His nickname during his playing days was "The Gator." It was said he got the nickname because he liked to wrestle alligators during the offseason in his native Florida.  But the Boston Red Sox fans at Fenway Park knew Mike Greenwell as a dependable left-handed hitter and leftfielder for a decade, from 1987-1996.

Michael Lewis Greenwell was born in Louisville, Kentucky on July 18, 1963. He grew up in Florida and attended North Ft. Myers High School, which also produced football stars Jevon Kearse and Deion Sanders. He was drafted by the Red Sox in the third round of the 1982 Amateur Draft and signed with the club.  Greenwell was brought up from Pawtucket in September 1985, and made his debut as a pinch-runner for Jim Rice in the first game of a doubleheader against the Cleveland Indians. That fall, the Red Sox were playing out the schedule and not in the pennant race, and Greenwell played in 17 games, went 10-for-31 and hit four homers and drove in eight runs. 

Greenwell spent most of 1986 back at Pawtucket, as Rice was still the left-fielder. Greenwell hit 18 HRs and batted .300 at AAA. He was brought up again in August and saw action mostly as a pinch-hitter that year. But the Red Sox had a terrific team in '86, and Greenwell made the postseason roster. He played in both the ALCS and World Series, mostly as a pinch-hitter. He went 1-for-5 in that memorable postseason, but is best remembered for pinch-hitting for Roger Clemens in the eighth inning of Game 6 of the World Series. (This was the scenario that became controversial once the Series was over, as Clemens claimed he didn't want to come out, but manager John McNamara claims he did, because of a blister.) Greenwell struck out in that appearance. 

1987 was a year to forget for the Red Sox and their fans, as the hangover from the 1986 World Series loss hung over the team all year, and they finished under .500. But it was a breakout year for Mike Greenwell. Jim Rice was moved to designated hitter and Greenwell was put in left field on a permanent basis. Greenwell responded with 19 HRs, 89 RBIs and a .328 batting average in 125 games. He finished fourth in the AL Rookie of the Year Award balloting (which was won by Mark McGwire).  1988 would prove to be Greenwell's best offensive season. He hit 22 HRs, 119 RBI and a .325 BA. He finished second behind Jose Canseco in the AL MVP Award voting (another loss to a "Bash Brother") and was a big part of the Red Sox comeback to winning the AL Eastern Division that season. Greenwell was also selected for the AL All-Star team for the first time, and hit for the cycle on September 14. He also won the Silver Slugger Award. But it was a disappointing postseason for the Sox and for Greenwell. They swept out of the ALCS by Canseco and the Oakland A's, and Greenwell hit .214 in that series with 1 HR and 3 RBI.  Greenwell would make the All-Star team again in 1989, hitting 14 HRs, 95 RBI and a BA of .308. He would have the longest hitting streak of his career that year, 21 games. His power numbers would continue to decline in 1990 and 1991, to 14 and 9, respectively. He also drove in just 73 and 83 runs, but his batting average was still around the .300 mark. Many of the Sox faithful thought Greenwell was a disappointment, as they thought he was next logical successor in that "golden position" of Red Sox leftfielder. He was a solid hitter, but not in the mold of the previous Red Sox leftfielders like Ted Williams, Carl Yastrzemski and Jim Rice. Greenwell was like Yaz was early in his career, a line drive hitter who wasn't a big home run hitter, and who could pepper the left-field wall with doubles. Greenwell was also just an average outfielder at best, and wouldn't win any Gold Gloves in his career.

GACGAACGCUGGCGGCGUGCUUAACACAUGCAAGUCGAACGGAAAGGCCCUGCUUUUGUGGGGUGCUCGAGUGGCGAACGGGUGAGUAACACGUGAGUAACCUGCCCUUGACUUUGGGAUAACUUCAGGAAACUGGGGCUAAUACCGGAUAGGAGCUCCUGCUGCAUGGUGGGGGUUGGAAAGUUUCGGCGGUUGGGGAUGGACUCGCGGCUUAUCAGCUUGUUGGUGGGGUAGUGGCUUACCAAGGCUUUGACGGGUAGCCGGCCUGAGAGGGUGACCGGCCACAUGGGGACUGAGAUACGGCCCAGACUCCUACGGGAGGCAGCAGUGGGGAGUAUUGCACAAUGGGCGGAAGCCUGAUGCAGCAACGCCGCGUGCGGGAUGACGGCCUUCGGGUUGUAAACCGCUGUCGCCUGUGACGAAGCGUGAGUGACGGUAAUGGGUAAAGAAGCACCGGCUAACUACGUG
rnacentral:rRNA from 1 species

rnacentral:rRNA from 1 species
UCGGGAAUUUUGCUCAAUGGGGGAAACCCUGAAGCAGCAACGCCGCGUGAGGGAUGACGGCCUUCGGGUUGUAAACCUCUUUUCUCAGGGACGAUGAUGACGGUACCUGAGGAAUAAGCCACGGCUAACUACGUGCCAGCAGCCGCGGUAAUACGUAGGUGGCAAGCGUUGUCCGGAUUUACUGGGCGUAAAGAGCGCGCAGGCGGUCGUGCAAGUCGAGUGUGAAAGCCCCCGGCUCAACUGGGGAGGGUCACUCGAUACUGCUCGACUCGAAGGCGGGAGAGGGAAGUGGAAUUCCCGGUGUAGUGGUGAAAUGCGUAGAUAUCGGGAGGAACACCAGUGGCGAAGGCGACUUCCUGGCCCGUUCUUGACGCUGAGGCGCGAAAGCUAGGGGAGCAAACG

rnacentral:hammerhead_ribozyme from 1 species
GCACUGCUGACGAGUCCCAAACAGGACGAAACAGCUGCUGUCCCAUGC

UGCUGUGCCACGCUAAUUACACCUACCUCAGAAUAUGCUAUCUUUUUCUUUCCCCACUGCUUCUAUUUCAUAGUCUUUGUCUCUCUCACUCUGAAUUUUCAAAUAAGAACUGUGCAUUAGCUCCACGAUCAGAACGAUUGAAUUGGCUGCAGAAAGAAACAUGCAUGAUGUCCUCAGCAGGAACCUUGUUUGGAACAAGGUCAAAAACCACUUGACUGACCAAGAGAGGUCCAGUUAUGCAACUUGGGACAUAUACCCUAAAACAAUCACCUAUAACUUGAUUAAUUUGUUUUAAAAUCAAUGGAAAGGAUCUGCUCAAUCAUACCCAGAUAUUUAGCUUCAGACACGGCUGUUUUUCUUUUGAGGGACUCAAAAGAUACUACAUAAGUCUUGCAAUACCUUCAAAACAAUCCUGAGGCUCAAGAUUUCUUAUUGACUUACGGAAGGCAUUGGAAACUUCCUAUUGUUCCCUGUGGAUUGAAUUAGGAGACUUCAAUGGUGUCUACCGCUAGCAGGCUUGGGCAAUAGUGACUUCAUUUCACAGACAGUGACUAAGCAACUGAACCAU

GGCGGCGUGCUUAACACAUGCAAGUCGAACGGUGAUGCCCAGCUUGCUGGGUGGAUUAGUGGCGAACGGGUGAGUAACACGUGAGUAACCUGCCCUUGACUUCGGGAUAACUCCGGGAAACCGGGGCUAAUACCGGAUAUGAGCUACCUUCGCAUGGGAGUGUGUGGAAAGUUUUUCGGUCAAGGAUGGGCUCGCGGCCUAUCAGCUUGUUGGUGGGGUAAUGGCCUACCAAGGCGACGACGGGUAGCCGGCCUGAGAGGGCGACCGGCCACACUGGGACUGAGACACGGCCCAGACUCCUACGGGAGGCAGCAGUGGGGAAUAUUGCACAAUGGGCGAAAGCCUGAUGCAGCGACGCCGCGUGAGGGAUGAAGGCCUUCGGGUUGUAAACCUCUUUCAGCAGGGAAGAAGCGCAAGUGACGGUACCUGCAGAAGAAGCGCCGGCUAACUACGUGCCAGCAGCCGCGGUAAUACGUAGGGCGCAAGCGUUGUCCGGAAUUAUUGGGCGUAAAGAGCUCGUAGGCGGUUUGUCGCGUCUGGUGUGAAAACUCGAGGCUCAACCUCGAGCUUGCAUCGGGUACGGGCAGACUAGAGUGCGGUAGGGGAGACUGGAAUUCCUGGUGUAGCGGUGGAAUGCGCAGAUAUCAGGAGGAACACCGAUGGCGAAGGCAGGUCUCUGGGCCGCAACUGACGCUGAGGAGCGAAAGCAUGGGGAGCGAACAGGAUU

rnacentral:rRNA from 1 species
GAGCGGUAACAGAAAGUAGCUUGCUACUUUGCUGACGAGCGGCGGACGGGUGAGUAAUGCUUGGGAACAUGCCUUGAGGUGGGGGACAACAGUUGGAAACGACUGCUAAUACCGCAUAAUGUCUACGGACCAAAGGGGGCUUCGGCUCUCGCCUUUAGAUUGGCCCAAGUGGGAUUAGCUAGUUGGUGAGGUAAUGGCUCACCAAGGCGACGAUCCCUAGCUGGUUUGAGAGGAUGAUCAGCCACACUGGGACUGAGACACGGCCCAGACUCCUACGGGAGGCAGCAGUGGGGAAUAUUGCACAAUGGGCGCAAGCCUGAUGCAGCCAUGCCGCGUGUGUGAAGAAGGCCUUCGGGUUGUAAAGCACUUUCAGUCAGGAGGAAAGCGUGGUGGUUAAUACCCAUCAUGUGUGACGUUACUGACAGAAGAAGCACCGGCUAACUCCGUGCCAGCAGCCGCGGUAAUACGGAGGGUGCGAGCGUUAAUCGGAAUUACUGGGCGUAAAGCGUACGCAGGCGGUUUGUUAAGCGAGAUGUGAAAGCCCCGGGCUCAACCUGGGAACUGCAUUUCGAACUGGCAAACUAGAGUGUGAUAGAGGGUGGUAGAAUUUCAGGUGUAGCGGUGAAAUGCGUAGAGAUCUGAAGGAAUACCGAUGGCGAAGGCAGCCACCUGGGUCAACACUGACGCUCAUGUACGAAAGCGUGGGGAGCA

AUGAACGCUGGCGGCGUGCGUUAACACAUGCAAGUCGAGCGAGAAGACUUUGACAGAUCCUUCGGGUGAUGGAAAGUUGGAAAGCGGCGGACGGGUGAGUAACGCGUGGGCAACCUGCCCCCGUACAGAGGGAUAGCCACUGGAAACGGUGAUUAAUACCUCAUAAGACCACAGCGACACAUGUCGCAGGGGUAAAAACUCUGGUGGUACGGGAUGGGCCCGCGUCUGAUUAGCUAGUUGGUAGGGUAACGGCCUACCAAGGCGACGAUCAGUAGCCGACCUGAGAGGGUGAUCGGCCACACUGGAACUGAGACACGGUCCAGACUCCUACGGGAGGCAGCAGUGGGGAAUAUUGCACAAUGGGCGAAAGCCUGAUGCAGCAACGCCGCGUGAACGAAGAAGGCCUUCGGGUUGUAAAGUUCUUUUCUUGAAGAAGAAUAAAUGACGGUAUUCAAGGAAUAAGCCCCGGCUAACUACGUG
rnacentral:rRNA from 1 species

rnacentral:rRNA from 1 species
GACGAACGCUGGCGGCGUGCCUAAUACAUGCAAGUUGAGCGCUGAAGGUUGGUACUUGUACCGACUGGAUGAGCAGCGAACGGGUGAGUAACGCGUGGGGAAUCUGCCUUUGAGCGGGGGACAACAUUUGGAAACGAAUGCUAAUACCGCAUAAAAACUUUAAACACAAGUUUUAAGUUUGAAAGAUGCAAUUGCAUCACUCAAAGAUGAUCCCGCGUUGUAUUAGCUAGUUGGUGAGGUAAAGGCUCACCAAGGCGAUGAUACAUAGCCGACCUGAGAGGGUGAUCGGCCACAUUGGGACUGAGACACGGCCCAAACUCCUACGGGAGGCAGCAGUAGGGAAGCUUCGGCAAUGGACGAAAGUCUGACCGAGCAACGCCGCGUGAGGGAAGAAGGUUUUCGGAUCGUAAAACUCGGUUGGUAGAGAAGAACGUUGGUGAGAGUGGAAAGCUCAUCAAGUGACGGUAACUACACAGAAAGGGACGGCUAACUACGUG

1992 was a year to forget for Greenwell, as he battled injuries that year and played in just 49 games and hit .233. His offensive numbers would continue to slide in his final four years with the Sox, although he had a nice bounceback year for the Red Sox in 1995, as they won the AL East that year. He hit 15 HRs, 76 RBIs and hit .297. But the Red Sox were swept out of the playoffs for the third straight time, this time in the ALDS by Cleveland. Greenwell, who went 0-14 in the 1990 ALCS, went just 3-for-15 in the three-game sweep in '95.  Greenwell basically became a part-time player in 1996, hitting .295 in 77 games. He was a free agent after the season, and it looked like the Red Sox were going to let him go. But just before his Bosox career concluded, he had one final night of glory.  On September 2, 1996, in a game against the Mariners in Seattle, Greenwell drove in 9 runs, which was all of his team's runs, in a 9-8, 10-inning win at the Kingdome. It was a MLB record for most RBIs by one player driving in all of his team's runs. It was also a Red Sox record for one game, a record that still stands.

Greenwell's final game in a Red Sox uniform was overshadowed by what would be the last game by another Red Sox star player: Roger Clemens. As it would turn out, both Clemens and Greenwell would both depart Boston, and for teams based outside the United States: Clemens to Toronto, and Greenwell would head for Japan, to play for the Hansin Tigers.  It would be a disastrous move for Greenwell. It was a much-heralded transaction in Japan, but Greenwell would see action in just seven games, due to injuries. He would announce his retirement from baseball soon afterward.

But Greenwell would get back in the sports headlines in 2005. When Jose Canseco released "Juiced," all about how his career was built on the use of illegal steroids, Greenwell went as far as demanding the he should be awarded the 1988 AL MVP Award away from Canseco.  He would tell the Ft. Myers News Press: "He's an admitted steroid user," Greenwell said of Canseco. "I was clean. If they're going to start putting asterisks by things, let's put one by the MVP. I do have a problem with losing the MVP to an admitted steroids user."